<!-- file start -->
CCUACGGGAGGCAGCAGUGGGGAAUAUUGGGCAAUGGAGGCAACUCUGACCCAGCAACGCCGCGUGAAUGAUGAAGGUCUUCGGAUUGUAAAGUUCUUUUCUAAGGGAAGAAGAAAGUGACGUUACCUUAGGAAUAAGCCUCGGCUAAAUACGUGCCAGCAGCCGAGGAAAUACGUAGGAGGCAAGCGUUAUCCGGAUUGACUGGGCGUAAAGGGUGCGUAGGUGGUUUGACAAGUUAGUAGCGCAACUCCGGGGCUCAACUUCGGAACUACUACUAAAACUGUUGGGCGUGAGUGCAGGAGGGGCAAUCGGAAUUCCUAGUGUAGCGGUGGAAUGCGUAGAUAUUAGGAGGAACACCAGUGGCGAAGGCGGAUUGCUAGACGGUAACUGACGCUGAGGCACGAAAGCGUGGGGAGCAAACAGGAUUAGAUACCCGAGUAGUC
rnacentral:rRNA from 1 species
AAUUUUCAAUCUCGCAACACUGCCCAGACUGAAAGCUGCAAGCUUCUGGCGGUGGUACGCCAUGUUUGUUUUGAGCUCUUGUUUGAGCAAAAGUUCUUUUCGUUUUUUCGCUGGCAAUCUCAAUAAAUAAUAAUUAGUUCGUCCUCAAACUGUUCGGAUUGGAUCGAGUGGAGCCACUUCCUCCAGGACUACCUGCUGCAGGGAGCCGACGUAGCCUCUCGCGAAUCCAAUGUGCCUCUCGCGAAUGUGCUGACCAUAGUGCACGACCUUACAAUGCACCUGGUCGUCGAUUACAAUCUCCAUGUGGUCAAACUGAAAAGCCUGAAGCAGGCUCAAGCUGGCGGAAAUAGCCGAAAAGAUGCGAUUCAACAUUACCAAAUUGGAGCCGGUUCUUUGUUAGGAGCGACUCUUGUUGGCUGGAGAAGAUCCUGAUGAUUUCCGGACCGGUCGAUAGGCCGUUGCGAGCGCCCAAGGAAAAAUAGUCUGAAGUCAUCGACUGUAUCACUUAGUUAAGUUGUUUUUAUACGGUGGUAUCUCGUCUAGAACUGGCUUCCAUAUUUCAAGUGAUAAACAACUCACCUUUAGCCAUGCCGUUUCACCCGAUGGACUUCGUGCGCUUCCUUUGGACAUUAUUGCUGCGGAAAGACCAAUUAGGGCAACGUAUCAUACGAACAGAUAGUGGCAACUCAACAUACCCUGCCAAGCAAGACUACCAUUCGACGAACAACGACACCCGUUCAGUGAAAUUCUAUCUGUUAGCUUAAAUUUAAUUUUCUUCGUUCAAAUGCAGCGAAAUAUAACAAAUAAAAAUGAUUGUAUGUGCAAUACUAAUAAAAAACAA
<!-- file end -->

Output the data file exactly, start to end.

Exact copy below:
CCUACGGGAGGCAGCAGUGGGGAAUAUUGGGCAAUGGAGGCAACUCUGACCCAGCAACGCCGCGUGAAUGAUGAAGGUCUUCGGAUUGUAAAGUUCUUUUCUAAGGGAAGAAGAAAGUGACGUUACCUUAGGAAUAAGCCUCGGCUAAAUACGUGCCAGCAGCCGAGGAAAUACGUAGGAGGCAAGCGUUAUCCGGAUUGACUGGGCGUAAAGGGUGCGUAGGUGGUUUGACAAGUUAGUAGCGCAACUCCGGGGCUCAACUUCGGAACUACUACUAAAACUGUUGGGCGUGAGUGCAGGAGGGGCAAUCGGAAUUCCUAGUGUAGCGGUGGAAUGCGUAGAUAUUAGGAGGAACACCAGUGGCGAAGGCGGAUUGCUAGACGGUAACUGACGCUGAGGCACGAAAGCGUGGGGAGCAAACAGGAUUAGAUACCCGAGUAGUC
rnacentral:rRNA from 1 species
AAUUUUCAAUCUCGCAACACUGCCCAGACUGAAAGCUGCAAGCUUCUGGCGGUGGUACGCCAUGUUUGUUUUGAGCUCUUGUUUGAGCAAAAGUUCUUUUCGUUUUUUCGCUGGCAAUCUCAAUAAAUAAUAAUUAGUUCGUCCUCAAACUGUUCGGAUUGGAUCGAGUGGAGCCACUUCCUCCAGGACUACCUGCUGCAGGGAGCCGACGUAGCCUCUCGCGAAUCCAAUGUGCCUCUCGCGAAUGUGCUGACCAUAGUGCACGACCUUACAAUGCACCUGGUCGUCGAUUACAAUCUCCAUGUGGUCAAACUGAAAAGCCUGAAGCAGGCUCAAGCUGGCGGAAAUAGCCGAAAAGAUGCGAUUCAACAUUACCAAAUUGGAGCCGGUUCUUUGUUAGGAGCGACUCUUGUUGGCUGGAGAAGAUCCUGAUGAUUUCCGGACCGGUCGAUAGGCCGUUGCGAGCGCCCAAGGAAAAAUAGUCUGAAGUCAUCGACUGUAUCACUUAGUUAAGUUGUUUUUAUACGGUGGUAUCUCGUCUAGAACUGGCUUCCAUAUUUCAAGUGAUAAACAACUCACCUUUAGCCAUGCCGUUUCACCCGAUGGACUUCGUGCGCUUCCUUUGGACAUUAUUGCUGCGGAAAGACCAAUUAGGGCAACGUAUCAUACGAACAGAUAGUGGCAACUCAACAUACCCUGCCAAGCAAGACUACCAUUCGACGAACAACGACACCCGUUCAGUGAAAUUCUAUCUGUUAGCUUAAAUUUAAUUUUCUUCGUUCAAAUGCAGCGAAAUAUAACAAAUAAAAAUGAUUGUAUGUGCAAUACUAAUAAAAAACAA